Web Date: January 21, 2014
Attacking Cancer With Light-Controlled Bacteria?
As a possible new anticancer strategy, synthetic biologists have engineered bacteria to secrete a toxic protein that kills surrounding cells when exposed to blue or red light (ACS Synth. Biol. 2014, DOI: 10.1021/sb400174s). These bacteria could someday help doctors specifically attack cancer cells and limit damage to healthy ones, the researchers say.
Conventional cancer drugs often kill healthy cells along with malignant ones, leading to serious side effects. Also, it is difficult to control the dose of drug that actually gets to the cancer cells. Some researchers think that nonpathogenic bacteria could help with these problems. They see the microbes as good vehicles for drug delivery because they can easily manipulate the bacteria’s genetic circuitry to express proteins that seek out cancer cell targets and trigger cell death. Moreover, some strains of bacteria naturally find and penetrate solid tumors, possibly because they prefer the tumor’s acidic microenvironment.
However, to make the strategy work, synthetic biologists need to design ways to trigger the bacteria to release their toxic payload when they reach the tumor. Researchers at the University of Pennsylvania, led by Jordan S. Miller and Casim A. Sarkar, decided to use light as a trigger. The team, which included four undergraduate students, undertook this research as part of the 2012 International Genetically Engineered Machine (iGEM) competition, an international synthetic biology competition for undergraduates. For this work, they won the grand prize in the Americas East division of the competition.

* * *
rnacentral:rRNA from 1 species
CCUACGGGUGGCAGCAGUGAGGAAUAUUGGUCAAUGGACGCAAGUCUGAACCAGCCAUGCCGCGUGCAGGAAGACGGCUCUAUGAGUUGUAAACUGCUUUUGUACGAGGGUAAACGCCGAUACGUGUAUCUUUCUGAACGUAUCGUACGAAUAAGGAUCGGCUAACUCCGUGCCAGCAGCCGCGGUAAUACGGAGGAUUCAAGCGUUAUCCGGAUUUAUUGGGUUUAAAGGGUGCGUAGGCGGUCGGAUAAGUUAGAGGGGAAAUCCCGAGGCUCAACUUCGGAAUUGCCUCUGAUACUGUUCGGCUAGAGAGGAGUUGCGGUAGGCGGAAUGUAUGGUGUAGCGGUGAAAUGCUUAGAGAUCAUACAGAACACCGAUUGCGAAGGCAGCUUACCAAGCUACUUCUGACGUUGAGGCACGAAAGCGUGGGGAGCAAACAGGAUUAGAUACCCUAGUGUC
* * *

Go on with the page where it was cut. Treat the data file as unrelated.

The team chose the toxin cytolysin A (ClyA) as the cell-killing payload for their bacteria. When bacteria secrete ClyA, the toxin pokes holes in nearby mammalian cells, causing them to break apart, or lyse. As an anticancer therapy, doctors would inject patients with the engineered bacteria and then shine a light directly on their tumors to initiate cell lysis, says Miller, who is now at Rice University.
The researchers placed the gene for the toxin into a circular piece of DNA called a plasmid. This plasmid included DNA that triggers the expression of the ClyA gene when the bacteria are exposed to blue light.
After inserting the plasmid into Escherichia coli, the scientists plated the microbes on agar plates containing sheep’s blood. When the team placed the plates under blue light, the bacteria secreted their payloads and the toxins destroyed nearby sheep blood cells, as evidenced by clear halos surrounding the bacterial colonies on the red plates. No lysis occurred when the researchers incubated the plates in the dark or when the plasmids contained a gene for a nontoxic protein.
The amount of protein released by the microbes depended on the illumination time. Doctors could potentially exploit this feature to deliver the minimal amount of ClyA needed to treat a particular tumor and minimize toxic side effects, the researchers say.
Finally, because red light penetrates tissues deeper than blue light, the team also cloned the ClyA gene into a red-light-responsive plasmid. This plasmid worked similarly to the blue-light one.
Despite the promising results, Miller stresses that much work remains before the therapeutic bacteria are ready for the clinic, including testing the bacteria in animals.
“This is a clever idea, but the potential for putting it to use in vivo is a bit unclear at this point,” says Kevin H. Gardner at the City College of New York and the City University of New York Advanced Science Research Center. In particular, it will be important for the researchers to fine-tune the expression levels of the toxin and to investigate how quickly the system can be shut off after activation, he says. However, Gardner is impressed that the team of undergrads was able to get a complicated light-activated genetic circuit up and running in a single summer.
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